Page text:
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Plug and play or robot takeovers? How green businesses can harness 'disruptive' AI

Updated: May 21

Photo by Google DeepMind

Adopting cutting-edge tech could determine whether businesses achieve climate goals or not - BusinessGreen Intelligence investigates how and why firms should prepare for clean tech upgrades.


At the end of 2023 the UK's innovation agency, Innovate UK, launched a horizon scanning report flagging the 50 nascent technologies that could shape the rest of the century. The list took in everything from a "real-life invisibility cloak" and a three hour London-to-Sydney flight to factories in space and worm-like micro-robots.


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Charlotte Bloom, CEO and president of digital consultancy VSNRY and co-author of Winning Through Platforms - a collection of 50 case studies detailing how companies, including Apple, Nike, and Disney have all deployed new strategies - says there are three overarching ways companies could harness disruptive technology to achieve climate goals.


Firstly, off the back of many companies facing accusations of "greenwashing" their sustainability efforts, Bloom says firms are rapidly adopting disruptive technologies to "verify and validate" their work. 


"Blockchain has been the best way to achieve this to date," she tells BusinessGreen Intelligence. "For example, companies impacted by the New York Fashion Act like Mango, Tiffany, and LVMH, can't just have targets in place for reducing carbon. Instead, companies will have to track every item from its raw materials to its packaging to comply with the law - which is best achieved by embedding blockchain into their supply chain."


More recently, AI has also started to play a role in verifying and validating incredibly large datasets. "For example, companies can now connect to satellite imagery and detection-based AI services to monitor carbon and methane emissions from factories and communities that form part of their organisation," Bloom explains. The potential for extending this functionality is obvious, and is already being deployed by a growing number of businesses that have pledged to deliver zero deforestation but have previously struggled to deliver on their promises.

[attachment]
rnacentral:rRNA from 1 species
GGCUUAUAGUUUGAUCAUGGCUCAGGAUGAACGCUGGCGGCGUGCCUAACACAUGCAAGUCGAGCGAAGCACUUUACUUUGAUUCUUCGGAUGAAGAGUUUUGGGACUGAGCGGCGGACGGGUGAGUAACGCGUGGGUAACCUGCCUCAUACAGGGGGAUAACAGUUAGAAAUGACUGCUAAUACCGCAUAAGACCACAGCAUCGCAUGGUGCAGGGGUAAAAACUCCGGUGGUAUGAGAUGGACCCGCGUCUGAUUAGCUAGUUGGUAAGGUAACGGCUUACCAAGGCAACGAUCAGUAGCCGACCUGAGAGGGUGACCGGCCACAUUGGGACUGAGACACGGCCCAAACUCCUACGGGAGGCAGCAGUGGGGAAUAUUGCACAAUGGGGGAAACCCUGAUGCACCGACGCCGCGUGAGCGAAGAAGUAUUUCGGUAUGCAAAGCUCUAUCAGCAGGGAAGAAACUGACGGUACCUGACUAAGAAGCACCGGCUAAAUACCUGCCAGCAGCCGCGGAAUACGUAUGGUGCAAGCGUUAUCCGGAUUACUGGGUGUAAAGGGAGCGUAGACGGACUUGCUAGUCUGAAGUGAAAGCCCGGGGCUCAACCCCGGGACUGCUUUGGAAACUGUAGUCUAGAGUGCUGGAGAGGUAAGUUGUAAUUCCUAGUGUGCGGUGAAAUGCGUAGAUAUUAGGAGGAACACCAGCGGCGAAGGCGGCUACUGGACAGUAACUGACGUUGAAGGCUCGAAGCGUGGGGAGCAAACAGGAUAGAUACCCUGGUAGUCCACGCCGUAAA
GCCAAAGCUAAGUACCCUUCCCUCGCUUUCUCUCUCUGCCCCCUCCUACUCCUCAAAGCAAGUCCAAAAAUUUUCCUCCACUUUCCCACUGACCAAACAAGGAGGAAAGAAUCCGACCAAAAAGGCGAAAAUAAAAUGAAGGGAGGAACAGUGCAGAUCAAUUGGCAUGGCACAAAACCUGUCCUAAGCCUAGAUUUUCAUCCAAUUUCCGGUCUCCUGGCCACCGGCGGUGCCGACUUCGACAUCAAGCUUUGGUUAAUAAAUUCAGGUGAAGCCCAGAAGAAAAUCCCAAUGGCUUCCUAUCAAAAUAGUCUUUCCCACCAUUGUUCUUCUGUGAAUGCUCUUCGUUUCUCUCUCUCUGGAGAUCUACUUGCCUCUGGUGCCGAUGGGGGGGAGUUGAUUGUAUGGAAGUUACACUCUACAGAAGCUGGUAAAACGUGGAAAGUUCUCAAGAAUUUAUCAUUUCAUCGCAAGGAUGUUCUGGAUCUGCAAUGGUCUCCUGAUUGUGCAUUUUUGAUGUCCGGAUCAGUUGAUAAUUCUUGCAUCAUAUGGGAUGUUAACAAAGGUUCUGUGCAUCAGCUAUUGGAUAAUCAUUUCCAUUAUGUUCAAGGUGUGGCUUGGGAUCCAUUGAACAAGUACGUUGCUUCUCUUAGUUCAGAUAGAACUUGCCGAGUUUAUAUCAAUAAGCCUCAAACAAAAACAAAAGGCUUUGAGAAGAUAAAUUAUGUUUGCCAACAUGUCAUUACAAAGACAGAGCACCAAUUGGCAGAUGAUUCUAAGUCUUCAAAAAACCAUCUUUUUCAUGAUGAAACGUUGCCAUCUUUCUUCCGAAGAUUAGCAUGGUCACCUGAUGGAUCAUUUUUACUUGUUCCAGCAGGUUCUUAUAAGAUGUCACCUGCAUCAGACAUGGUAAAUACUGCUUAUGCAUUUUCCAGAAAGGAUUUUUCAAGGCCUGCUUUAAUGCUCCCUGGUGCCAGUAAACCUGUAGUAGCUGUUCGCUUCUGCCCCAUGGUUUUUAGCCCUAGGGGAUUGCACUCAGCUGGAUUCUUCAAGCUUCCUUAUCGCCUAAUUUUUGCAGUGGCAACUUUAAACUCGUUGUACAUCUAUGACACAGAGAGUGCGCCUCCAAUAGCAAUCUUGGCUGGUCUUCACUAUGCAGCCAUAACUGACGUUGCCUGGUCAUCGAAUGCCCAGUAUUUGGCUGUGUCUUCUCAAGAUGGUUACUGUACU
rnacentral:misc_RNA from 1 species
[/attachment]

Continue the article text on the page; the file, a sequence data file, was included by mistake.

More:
Bloom also highlights how automation is key to amplifying the impact of a company's existing sustainability work. "Robotic automation already helps companies replant forests 25 times faster than by hand," she says. "For example, AirSeed uses automated drones to plant seed pods at a rate of 40,000 per day - versus 800 per day that can be achieved manually." 


Finally, Bloom predicts that the intersection of AI, blockchain, and automation will enable corporate innovators to reimagine how they can achieve sustainability goals. "This isn't far off," she predicts. "Imagine being able to ask your AI-powered sustainability assistant for ideas on how you could take your existing initiatives and achieve your goals in three years instead of five. Then ask for advice on which blockchain and automation technology you can partner with to achieve it."


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Continue reading the full story at Business Green - click here.


Originally published at BusinessGreen.com

Business Green is Europe's leading source of information on the green economy and business, with over 3 million annual page views and >50% Board-level readership.

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